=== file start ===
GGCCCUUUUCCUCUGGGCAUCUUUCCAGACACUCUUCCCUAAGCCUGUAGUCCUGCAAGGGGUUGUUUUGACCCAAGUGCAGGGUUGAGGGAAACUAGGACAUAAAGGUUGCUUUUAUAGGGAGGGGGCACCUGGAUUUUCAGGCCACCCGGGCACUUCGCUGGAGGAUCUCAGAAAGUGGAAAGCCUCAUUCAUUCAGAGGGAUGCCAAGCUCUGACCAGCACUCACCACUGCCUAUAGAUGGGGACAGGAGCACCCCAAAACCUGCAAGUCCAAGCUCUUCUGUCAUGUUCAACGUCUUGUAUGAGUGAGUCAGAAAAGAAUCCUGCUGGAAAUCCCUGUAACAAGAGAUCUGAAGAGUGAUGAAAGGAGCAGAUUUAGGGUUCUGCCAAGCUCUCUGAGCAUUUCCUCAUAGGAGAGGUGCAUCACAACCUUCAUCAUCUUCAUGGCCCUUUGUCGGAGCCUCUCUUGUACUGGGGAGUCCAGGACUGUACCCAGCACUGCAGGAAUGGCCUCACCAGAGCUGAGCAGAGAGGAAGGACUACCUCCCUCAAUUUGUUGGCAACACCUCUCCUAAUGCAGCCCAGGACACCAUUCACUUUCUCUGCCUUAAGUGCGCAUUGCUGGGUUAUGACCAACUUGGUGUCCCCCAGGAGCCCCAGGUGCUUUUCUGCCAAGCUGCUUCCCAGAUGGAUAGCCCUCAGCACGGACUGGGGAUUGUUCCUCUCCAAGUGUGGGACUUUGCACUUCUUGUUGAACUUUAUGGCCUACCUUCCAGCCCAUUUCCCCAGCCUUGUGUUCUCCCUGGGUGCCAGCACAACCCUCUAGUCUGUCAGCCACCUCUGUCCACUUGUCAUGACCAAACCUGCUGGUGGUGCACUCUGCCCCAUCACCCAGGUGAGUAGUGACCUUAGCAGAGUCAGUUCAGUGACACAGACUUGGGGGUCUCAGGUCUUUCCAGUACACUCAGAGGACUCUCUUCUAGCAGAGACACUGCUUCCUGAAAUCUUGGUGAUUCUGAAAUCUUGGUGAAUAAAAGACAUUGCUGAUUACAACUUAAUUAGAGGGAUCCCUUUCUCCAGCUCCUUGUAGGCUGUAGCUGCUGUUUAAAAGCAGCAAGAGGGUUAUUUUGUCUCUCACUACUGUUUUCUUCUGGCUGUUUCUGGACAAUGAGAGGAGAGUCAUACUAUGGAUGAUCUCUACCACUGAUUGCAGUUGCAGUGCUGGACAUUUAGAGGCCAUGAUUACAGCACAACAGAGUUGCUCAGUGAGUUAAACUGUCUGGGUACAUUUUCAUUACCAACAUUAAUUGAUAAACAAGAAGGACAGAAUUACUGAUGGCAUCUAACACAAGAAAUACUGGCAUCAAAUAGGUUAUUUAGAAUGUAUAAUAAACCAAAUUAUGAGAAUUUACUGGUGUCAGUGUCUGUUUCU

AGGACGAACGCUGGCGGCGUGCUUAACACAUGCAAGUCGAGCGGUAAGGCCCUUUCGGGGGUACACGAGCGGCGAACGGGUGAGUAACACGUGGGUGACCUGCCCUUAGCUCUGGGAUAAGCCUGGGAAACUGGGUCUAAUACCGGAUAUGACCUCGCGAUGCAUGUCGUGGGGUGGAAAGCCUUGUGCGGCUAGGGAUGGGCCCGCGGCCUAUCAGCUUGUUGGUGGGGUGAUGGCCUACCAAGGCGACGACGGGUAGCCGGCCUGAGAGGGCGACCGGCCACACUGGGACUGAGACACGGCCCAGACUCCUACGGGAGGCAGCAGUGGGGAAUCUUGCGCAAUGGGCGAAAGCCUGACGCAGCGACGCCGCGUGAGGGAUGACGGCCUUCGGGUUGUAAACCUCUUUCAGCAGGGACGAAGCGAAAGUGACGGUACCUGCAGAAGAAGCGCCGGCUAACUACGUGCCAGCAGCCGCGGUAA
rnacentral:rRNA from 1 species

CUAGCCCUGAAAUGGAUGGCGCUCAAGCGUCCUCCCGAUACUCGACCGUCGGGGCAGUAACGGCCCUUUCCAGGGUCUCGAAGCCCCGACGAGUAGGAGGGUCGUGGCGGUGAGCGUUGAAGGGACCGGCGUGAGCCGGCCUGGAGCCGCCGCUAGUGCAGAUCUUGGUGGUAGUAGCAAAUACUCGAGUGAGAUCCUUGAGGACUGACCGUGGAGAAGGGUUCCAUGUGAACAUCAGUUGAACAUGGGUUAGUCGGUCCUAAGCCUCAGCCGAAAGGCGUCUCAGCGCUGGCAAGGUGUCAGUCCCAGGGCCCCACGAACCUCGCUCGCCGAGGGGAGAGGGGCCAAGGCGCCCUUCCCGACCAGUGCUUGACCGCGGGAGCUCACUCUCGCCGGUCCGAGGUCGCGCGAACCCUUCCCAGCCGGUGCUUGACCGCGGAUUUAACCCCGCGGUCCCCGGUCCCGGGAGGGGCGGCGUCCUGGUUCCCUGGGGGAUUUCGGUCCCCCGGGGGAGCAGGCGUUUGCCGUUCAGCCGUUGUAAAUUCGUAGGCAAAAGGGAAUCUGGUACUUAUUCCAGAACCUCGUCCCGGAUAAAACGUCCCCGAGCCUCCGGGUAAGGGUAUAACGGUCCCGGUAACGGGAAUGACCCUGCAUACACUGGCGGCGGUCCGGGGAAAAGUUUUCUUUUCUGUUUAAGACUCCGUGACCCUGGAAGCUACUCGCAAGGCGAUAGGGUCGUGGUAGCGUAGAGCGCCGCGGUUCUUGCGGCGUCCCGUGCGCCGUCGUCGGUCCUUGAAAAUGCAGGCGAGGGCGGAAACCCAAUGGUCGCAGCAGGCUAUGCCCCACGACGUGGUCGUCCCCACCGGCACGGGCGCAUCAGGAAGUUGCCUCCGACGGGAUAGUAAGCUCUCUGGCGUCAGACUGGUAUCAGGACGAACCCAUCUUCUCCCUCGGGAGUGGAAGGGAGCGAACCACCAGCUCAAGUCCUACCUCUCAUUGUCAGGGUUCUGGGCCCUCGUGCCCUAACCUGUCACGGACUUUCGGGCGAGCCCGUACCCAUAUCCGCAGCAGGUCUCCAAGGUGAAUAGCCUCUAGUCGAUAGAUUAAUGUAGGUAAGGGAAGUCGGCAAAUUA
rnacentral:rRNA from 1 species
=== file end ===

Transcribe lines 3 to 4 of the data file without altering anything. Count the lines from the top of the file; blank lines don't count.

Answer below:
rnacentral:rRNA from 1 species

CUAGCCCUGAAAUGGAUGGCGCUCAAGCGUCCUCCCGAUACUCGACCGUCGGGGCAGUAACGGCCCUUUCCAGGGUCUCGAAGCCCCGACGAGUAGGAGGGUCGUGGCGGUGAGCGUUGAAGGGACCGGCGUGAGCCGGCCUGGAGCCGCCGCUAGUGCAGAUCUUGGUGGUAGUAGCAAAUACUCGAGUGAGAUCCUUGAGGACUGACCGUGGAGAAGGGUUCCAUGUGAACAUCAGUUGAACAUGGGUUAGUCGGUCCUAAGCCUCAGCCGAAAGGCGUCUCAGCGCUGGCAAGGUGUCAGUCCCAGGGCCCCACGAACCUCGCUCGCCGAGGGGAGAGGGGCCAAGGCGCCCUUCCCGACCAGUGCUUGACCGCGGGAGCUCACUCUCGCCGGUCCGAGGUCGCGCGAACCCUUCCCAGCCGGUGCUUGACCGCGGAUUUAACCCCGCGGUCCCCGGUCCCGGGAGGGGCGGCGUCCUGGUUCCCUGGGGGAUUUCGGUCCCCCGGGGGAGCAGGCGUUUGCCGUUCAGCCGUUGUAAAUUCGUAGGCAAAAGGGAAUCUGGUACUUAUUCCAGAACCUCGUCCCGGAUAAAACGUCCCCGAGCCUCCGGGUAAGGGUAUAACGGUCCCGGUAACGGGAAUGACCCUGCAUACACUGGCGGCGGUCCGGGGAAAAGUUUUCUUUUCUGUUUAAGACUCCGUGACCCUGGAAGCUACUCGCAAGGCGAUAGGGUCGUGGUAGCGUAGAGCGCCGCGGUUCUUGCGGCGUCCCGUGCGCCGUCGUCGGUCCUUGAAAAUGCAGGCGAGGGCGGAAACCCAAUGGUCGCAGCAGGCUAUGCCCCACGACGUGGUCGUCCCCACCGGCACGGGCGCAUCAGGAAGUUGCCUCCGACGGGAUAGUAAGCUCUCUGGCGUCAGACUGGUAUCAGGACGAACCCAUCUUCUCCCUCGGGAGUGGAAGGGAGCGAACCACCAGCUCAAGUCCUACCUCUCAUUGUCAGGGUUCUGGGCCCUCGUGCCCUAACCUGUCACGGACUUUCGGGCGAGCCCGUACCCAUAUCCGCAGCAGGUCUCCAAGGUGAAUAGCCUCUAGUCGAUAGAUUAAUGUAGGUAAGGGAAGUCGGCAAAUUA